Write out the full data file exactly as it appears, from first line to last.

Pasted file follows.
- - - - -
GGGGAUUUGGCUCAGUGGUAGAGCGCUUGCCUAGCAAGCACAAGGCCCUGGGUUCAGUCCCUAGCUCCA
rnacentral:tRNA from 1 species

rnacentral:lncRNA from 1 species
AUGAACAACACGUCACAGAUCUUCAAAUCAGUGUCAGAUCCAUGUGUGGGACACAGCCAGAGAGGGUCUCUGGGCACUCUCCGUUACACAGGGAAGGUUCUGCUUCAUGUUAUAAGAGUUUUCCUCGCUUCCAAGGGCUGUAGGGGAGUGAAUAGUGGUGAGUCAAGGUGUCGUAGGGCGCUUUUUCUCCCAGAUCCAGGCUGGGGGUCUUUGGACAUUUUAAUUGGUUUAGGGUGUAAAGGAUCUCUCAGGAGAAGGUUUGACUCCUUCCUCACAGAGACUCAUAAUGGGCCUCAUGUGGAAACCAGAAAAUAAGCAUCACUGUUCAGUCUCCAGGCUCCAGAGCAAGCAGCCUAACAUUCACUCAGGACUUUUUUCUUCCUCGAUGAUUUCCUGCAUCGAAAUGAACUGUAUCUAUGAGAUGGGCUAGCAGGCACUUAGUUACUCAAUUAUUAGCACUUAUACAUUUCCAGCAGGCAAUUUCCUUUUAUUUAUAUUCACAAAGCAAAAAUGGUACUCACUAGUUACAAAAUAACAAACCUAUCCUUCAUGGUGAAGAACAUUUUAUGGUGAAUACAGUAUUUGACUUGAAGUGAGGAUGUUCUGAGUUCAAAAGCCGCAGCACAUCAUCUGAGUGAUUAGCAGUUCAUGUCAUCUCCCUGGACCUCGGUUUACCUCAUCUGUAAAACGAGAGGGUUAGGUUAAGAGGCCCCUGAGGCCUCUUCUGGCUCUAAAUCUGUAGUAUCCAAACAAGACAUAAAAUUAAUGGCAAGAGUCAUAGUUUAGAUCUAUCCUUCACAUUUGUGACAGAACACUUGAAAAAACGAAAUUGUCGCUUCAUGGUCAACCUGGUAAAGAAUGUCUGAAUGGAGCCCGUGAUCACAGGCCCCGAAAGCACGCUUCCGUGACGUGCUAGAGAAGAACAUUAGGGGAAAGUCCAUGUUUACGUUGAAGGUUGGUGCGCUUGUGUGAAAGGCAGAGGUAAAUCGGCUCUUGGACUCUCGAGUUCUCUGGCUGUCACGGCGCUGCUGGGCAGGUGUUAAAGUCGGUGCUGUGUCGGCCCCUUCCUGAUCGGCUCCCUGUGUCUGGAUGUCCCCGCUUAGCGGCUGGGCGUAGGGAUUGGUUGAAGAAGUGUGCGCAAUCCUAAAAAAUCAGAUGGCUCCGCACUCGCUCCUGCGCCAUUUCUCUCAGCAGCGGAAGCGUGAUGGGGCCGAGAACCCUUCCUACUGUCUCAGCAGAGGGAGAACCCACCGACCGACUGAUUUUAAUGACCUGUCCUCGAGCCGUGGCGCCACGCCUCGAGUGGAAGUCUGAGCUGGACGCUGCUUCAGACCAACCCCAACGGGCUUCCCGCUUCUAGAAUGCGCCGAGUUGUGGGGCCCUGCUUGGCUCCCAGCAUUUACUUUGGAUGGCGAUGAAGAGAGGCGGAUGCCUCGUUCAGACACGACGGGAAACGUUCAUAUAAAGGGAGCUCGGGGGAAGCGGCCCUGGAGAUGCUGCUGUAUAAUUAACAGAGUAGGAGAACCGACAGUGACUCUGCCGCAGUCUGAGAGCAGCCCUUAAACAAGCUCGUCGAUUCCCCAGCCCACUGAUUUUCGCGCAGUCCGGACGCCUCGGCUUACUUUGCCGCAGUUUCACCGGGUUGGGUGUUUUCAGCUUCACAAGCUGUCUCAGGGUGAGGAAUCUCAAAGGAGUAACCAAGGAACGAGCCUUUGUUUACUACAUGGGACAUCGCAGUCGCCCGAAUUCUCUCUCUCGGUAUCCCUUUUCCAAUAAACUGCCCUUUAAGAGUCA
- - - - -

GGGGAUUUGGCUCAGUGGUAGAGCGCUUGCCUAGCAAGCACAAGGCCCUGGGUUCAGUCCCUAGCUCCA
rnacentral:tRNA from 1 species

rnacentral:lncRNA from 1 species
AUGAACAACACGUCACAGAUCUUCAAAUCAGUGUCAGAUCCAUGUGUGGGACACAGCCAGAGAGGGUCUCUGGGCACUCUCCGUUACACAGGGAAGGUUCUGCUUCAUGUUAUAAGAGUUUUCCUCGCUUCCAAGGGCUGUAGGGGAGUGAAUAGUGGUGAGUCAAGGUGUCGUAGGGCGCUUUUUCUCCCAGAUCCAGGCUGGGGGUCUUUGGACAUUUUAAUUGGUUUAGGGUGUAAAGGAUCUCUCAGGAGAAGGUUUGACUCCUUCCUCACAGAGACUCAUAAUGGGCCUCAUGUGGAAACCAGAAAAUAAGCAUCACUGUUCAGUCUCCAGGCUCCAGAGCAAGCAGCCUAACAUUCACUCAGGACUUUUUUCUUCCUCGAUGAUUUCCUGCAUCGAAAUGAACUGUAUCUAUGAGAUGGGCUAGCAGGCACUUAGUUACUCAAUUAUUAGCACUUAUACAUUUCCAGCAGGCAAUUUCCUUUUAUUUAUAUUCACAAAGCAAAAAUGGUACUCACUAGUUACAAAAUAACAAACCUAUCCUUCAUGGUGAAGAACAUUUUAUGGUGAAUACAGUAUUUGACUUGAAGUGAGGAUGUUCUGAGUUCAAAAGCCGCAGCACAUCAUCUGAGUGAUUAGCAGUUCAUGUCAUCUCCCUGGACCUCGGUUUACCUCAUCUGUAAAACGAGAGGGUUAGGUUAAGAGGCCCCUGAGGCCUCUUCUGGCUCUAAAUCUGUAGUAUCCAAACAAGACAUAAAAUUAAUGGCAAGAGUCAUAGUUUAGAUCUAUCCUUCACAUUUGUGACAGAACACUUGAAAAAACGAAAUUGUCGCUUCAUGGUCAACCUGGUAAAGAAUGUCUGAAUGGAGCCCGUGAUCACAGGCCCCGAAAGCACGCUUCCGUGACGUGCUAGAGAAGAACAUUAGGGGAAAGUCCAUGUUUACGUUGAAGGUUGGUGCGCUUGUGUGAAAGGCAGAGGUAAAUCGGCUCUUGGACUCUCGAGUUCUCUGGCUGUCACGGCGCUGCUGGGCAGGUGUUAAAGUCGGUGCUGUGUCGGCCCCUUCCUGAUCGGCUCCCUGUGUCUGGAUGUCCCCGCUUAGCGGCUGGGCGUAGGGAUUGGUUGAAGAAGUGUGCGCAAUCCUAAAAAAUCAGAUGGCUCCGCACUCGCUCCUGCGCCAUUUCUCUCAGCAGCGGAAGCGUGAUGGGGCCGAGAACCCUUCCUACUGUCUCAGCAGAGGGAGAACCCACCGACCGACUGAUUUUAAUGACCUGUCCUCGAGCCGUGGCGCCACGCCUCGAGUGGAAGUCUGAGCUGGACGCUGCUUCAGACCAACCCCAACGGGCUUCCCGCUUCUAGAAUGCGCCGAGUUGUGGGGCCCUGCUUGGCUCCCAGCAUUUACUUUGGAUGGCGAUGAAGAGAGGCGGAUGCCUCGUUCAGACACGACGGGAAACGUUCAUAUAAAGGGAGCUCGGGGGAAGCGGCCCUGGAGAUGCUGCUGUAUAAUUAACAGAGUAGGAGAACCGACAGUGACUCUGCCGCAGUCUGAGAGCAGCCCUUAAACAAGCUCGUCGAUUCCCCAGCCCACUGAUUUUCGCGCAGUCCGGACGCCUCGGCUUACUUUGCCGCAGUUUCACCGGGUUGGGUGUUUUCAGCUUCACAAGCUGUCUCAGGGUGAGGAAUCUCAAAGGAGUAACCAAGGAACGAGCCUUUGUUUACUACAUGGGACAUCGCAGUCGCCCGAAUUCUCUCUCUCGGUAUCCCUUUUCCAAUAAACUGCCCUUUAAGAGUCA